JOVM’s William Ruben Helms chats with acclaimed and rising Aussie artist Nat Vazer at last week’s The New Colossus Festival.
Tag: audio interview
Audio Interview: MANE
JOVM’s William Ruben Helms chats with rising Adelaide-based artist MANE at last week’s The New Colossus Festival.
Deena Lynch is a Brisbane, Australia-born and-based singer/songwriter, multi-instrumentalist multi-disciplinary artist and the mastermind behind three very different creative projects — the rising music project Jaguar Jonze, the narrative illustration project Spectator Jonze and the photography project Dusky Jonze. “Everything I do stems from the need for dialogue – Jaguar being an internal dialogue with my subconscious, Spectator being an external dialogue with others on mental health and the mind and Dusky being a dialogue with the body,” Lynch explains in press notes.
Ultimately, all of her adjacent projects are powerful ways for Lynch to process and explore her most intimate vulnerabilities and dining the depths of her personality while empowering and encouraging others to do the same. “I can/t do anything without meaning,” Lynch says of her her Spectator Jonze project, which centers on bold and surreal pop-art that attempts to de-stigmatize mental-health issues through interviews and illustrated portraits of her subjects. Her 50th portrait, a year into the project, confronted her own PTSD stemming from an unstable, unsafe childhood. “I realized when I stepped out of hiding, I could actually move forward, feel less isolated. I want other people to unburden themselves from the wasted extra energy spent pretending and hiding,” the rising Aussie artist explains.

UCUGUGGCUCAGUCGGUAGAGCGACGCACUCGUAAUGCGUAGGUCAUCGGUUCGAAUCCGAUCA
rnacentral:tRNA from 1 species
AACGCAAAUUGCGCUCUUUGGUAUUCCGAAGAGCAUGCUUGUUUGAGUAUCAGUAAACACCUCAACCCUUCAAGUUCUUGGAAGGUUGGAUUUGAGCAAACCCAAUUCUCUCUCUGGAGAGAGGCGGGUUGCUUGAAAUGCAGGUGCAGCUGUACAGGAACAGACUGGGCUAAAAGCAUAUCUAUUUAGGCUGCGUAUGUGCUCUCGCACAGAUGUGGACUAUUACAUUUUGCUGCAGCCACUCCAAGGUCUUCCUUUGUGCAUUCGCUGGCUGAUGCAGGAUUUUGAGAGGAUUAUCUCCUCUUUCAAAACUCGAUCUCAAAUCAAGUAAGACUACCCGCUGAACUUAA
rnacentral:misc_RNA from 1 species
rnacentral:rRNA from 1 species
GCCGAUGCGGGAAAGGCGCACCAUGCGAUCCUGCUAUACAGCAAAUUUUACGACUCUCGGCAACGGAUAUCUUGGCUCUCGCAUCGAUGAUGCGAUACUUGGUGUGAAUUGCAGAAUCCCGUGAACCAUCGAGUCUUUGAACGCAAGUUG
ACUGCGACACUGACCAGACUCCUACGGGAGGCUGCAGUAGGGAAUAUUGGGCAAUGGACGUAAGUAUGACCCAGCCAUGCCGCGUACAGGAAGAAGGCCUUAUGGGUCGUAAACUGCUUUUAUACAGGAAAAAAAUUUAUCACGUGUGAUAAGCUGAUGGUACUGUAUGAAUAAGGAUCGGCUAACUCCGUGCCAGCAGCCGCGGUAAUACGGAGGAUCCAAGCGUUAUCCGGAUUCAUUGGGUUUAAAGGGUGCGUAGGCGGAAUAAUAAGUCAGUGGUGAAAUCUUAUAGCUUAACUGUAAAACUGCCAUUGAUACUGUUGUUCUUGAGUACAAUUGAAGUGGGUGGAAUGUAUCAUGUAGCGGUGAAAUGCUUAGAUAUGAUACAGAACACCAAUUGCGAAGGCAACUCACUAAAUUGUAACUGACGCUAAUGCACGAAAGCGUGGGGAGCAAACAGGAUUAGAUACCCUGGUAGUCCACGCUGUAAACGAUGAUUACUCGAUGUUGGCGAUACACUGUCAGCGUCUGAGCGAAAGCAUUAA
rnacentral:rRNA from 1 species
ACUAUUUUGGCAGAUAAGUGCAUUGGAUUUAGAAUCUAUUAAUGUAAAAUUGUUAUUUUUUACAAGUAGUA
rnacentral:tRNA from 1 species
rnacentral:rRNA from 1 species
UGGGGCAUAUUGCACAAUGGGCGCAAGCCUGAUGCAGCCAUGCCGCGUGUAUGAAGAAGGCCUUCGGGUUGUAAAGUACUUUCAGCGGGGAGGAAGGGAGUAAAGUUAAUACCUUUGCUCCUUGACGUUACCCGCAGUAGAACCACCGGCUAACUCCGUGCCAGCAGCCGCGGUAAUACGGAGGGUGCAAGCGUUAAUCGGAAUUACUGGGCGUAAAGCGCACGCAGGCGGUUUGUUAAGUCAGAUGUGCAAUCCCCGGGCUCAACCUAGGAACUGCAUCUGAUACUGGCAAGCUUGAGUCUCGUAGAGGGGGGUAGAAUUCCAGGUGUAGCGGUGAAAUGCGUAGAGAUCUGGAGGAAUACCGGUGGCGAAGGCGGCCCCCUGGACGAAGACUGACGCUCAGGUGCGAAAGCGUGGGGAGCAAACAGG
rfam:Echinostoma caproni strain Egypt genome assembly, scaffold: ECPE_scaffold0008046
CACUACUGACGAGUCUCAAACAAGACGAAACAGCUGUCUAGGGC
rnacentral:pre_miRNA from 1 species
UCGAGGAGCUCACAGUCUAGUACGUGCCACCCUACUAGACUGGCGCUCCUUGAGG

Sometimes, she finds her subjects; other times, they find her. “There’s a girl in the States; she’s still one of my favorite drawings,” Lynch recalls. “She reached out to me, having come to terms with her psychosis, depression and anxiety. The level of awareness and openness she had really moved me because I was oblivious to the stigma I still held over the mental illnesses I hadn’t yet been exposed to. We still have this pen pal relationship with each other. We’ve never met in person, but I think she’s one of the biggest supports in my everyday life.”